New sitcom “Abby’s” starts with the interesting announcement that the show was filmed in front of a live outdoor audience. But while shooting the show live and outside (and in a multi-camera format) gives the show a distinctive look and pacing, that’s not what makes the show a milestone for LGBT representation and inclusion.
The show is historic because it’s the first sitcom with a bisexual female lead that’s played by an out actress. It premieres on Thursday, March 28 at 9:39 p.m. on NBC following “Will & Grace.”
Natalie Morales plays Abby, a former Marine Staff Sergeant who served two tours of duty in Afghanistan. When she returns to civilian life, she decides to set up a neighborhood bar in her backyard. Although the patrons are bound by an elaborate set of 162 rules and regulations (ranging from no cell phones to a rigorous vetting process before they can get a coveted seat at the bar), the bar becomes a popular hangout.
That’s all established in the first episode (of the three episodes available for press preview).
In the second episode, the audience learns that Abby is bisexual and meets one of her former girlfriends Dani (Cyrina Fiallo), a representative from one of the liquor companies. Abby’s sexuality is not an issue for her patrons, but one of the regulars, Beth (Jessica Chaffin) is upset that Abby never told her about her three-month relationship with Dani.
Morales publicly came out as queer in 2017 before embarking on the press tour for “Battle of the Sexes.” The movie smoothly wove together lesbian icon Billie Jean King’s coming-out story with a stunning recreation of her famous tennis match against self-proclaimed male chauvinist pig Bobby Riggs. Morales played Rosie Casals, the professional tennis player who countered Howard Cosell’s casual sexism when the two provided on-air commentary on the legendary game.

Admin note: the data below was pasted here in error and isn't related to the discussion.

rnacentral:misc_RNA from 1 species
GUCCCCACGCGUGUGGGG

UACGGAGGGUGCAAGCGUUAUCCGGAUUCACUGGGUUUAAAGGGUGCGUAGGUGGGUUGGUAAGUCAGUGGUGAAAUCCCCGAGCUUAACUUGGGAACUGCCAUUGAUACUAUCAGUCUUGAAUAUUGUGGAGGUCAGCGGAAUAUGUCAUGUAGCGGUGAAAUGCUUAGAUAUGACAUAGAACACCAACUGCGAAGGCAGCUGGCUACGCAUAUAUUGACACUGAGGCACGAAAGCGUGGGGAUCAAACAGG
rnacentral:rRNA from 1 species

Morales’ breakout role was Wendy Watson on the 2008 cult favorite “The Middleman.” Since then, she’s had lead or featured roles in “Parks and Recreation,” “Trophy Wife,” the “90210” reboot, “The Grinder” and “Girls.”
She’s also delighted LGBT audiences with her performances on “Santa Clarita Diet” and “BoJack Horseman.” On the former, she plays Deputy Anne Garcia who begins a romantic relationship with her partner’s wife after he goes missing. On the latter, she voiced Yolanda Buenaventura, a light pink axolotl who comes out as asexual during her relationship with BoJack’s sidekick Todd (who also comes out as asexual).
Now she’s breaking new ground on network television with a fine performance as Abby. With sure-fire comic timing, Morales is delightful when she lobs quips across the screen and engages in comic banter with her colleagues. Although Abby can be gruff and abrasive, Morales also displays deep sensitivity when Abby talks about the bar as a “community center” for her oddball neighbors and growing up as a bisexual Cuban teen with an alcoholic father.
Overall, series creator Josh Malmuth surrounds Abby with a strong supporting cast. In addition to Chaffin, who plays a harried mom who keeps an eye on her sons from her barstool, the cast includes sitcom veteran Neil Flynn (“Scrubs” and “The Middle”) as a long-time family friend and Nelson Franklin as Abby’s new landlord. The lead cast is rounded out by Leonard Ouzts and Kimia Behpoornia whose characters will hopefully be further developed in later episodes.
While “Abby’s” is a milestone for LGBT representation and inclusion, the early episodes sometimes feel like a more diverse reboot of the classic sitcom “Cheers” which premiered on NBC in 1982. But, anchored by the talented Morales, the new show is funny and fast-paced and should age well, unlike the allspice vodka the characters are forced to drink in the second episode.